Momen relays people’s reaction to RAB being sanctioned to counterpart
Foreign Minister Dr AK Abdul Momen has conveyed to US Secretary of State Antony J Blinken that the people of Bangladesh did neither accept nor like the designated sanctions imposed on the Rapid Action Battalion (RAB) and its some of the present and former officials.
"I shared the spirit of the country's people. They (people of Bangladesh) didn't accept it. They didn't like it," he said while responding to a question on his recent telephone conversation with the US Secretary of State.
US State Department Spokesperson Ned Price said Secretary Blinken reaffirmed their long-standing partnership with Bangladesh on development, economic growth, and security.
"The two leaders discussed the importance of human rights and agreed to strengthen bilateral cooperation and address shared global challenges," said the Spokesperson.
Dr Momen explained why the people of the country did not accept it, noting that the two countries have around 50 years of trusted friendship.
"We discussed all the issues through a number of dialogue platforms. We resolved all issues with our neighbours through discussions. Naturally, we had an expectation that you would inform us beforehand in the case of taking any decision. We didn't like it," said the Foreign Minister what he conveyed to his US counterpart.
Dr Momen described RAB as a "very disciplined force free from corruption" and said RAB is working very efficiently as the US has taken a number of initiatives globally against terrorism, human trafficking, crimes and war against drugs.
He said no terrorist attacks took place in Bangladesh after the Holey Artisan incident due to RAB's efficient handling of the issues.
"People have a lot of confidence in RAB," Dr Momen said, adding that neither side did talk about withdrawal of the sanctions but laid emphasis on discussions.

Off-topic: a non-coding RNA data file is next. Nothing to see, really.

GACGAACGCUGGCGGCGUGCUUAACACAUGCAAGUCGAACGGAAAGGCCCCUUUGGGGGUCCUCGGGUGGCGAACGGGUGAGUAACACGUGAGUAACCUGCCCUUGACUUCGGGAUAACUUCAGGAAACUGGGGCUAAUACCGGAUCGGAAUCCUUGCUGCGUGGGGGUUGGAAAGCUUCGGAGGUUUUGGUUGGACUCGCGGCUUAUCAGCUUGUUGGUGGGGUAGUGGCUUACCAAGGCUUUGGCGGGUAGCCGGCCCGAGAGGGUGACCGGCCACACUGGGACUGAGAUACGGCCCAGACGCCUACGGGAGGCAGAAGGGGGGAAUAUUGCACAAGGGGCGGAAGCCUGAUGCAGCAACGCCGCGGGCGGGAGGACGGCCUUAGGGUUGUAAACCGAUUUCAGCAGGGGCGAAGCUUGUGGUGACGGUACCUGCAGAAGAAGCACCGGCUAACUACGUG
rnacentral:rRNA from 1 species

In reply, the US Secretary of State said they will discuss as there are scopes for working together in many areas like human rights, democracy, peacekeeping and climate change, said the Foreign Minister.
"I told him that we're a democratic country," Dr Momen said, adding that Bangladesh gives much importance on strengthening democracy and addressing human rights issues as the country has a good reputation worldwide.
The Foreign Minister said there are many ongoing dialogue mechanisms between the two countries and suggested the US Secretary of State to call if there are any problems and they are likely to have a meeting in Washington in the coming Spring.
"He was very positive, I should say, the way he responded to us. We've a good rapport I should say," Dr Momen said.
The US Secretary of State made a phone call to Dr Momen on Wednesday evening and discussed issues of mutual interests.
State Minister for Foreign Affairs Md Shahriar Alam said on the eve of the 50th anniversary of the Victory of Bangladesh, the US Secretary of State and Foreign Minister Dr Momen spoke over phone at length.
"Both renewed the resolve to take forward the relationship further. They also agreed to increased engagement while celebrating the 50th anniversary of bilateral relationship," the State Minister tweeted.
Earlier, US Ambassador to Bangladesh Earl R Miller was summoned by Foreign Secretary Masud Bin Momen to convey Dhaka's "discontent" over the designated sanctions imposed by the US Departments of Treasury and of State on some of the present and former officials of the RAB.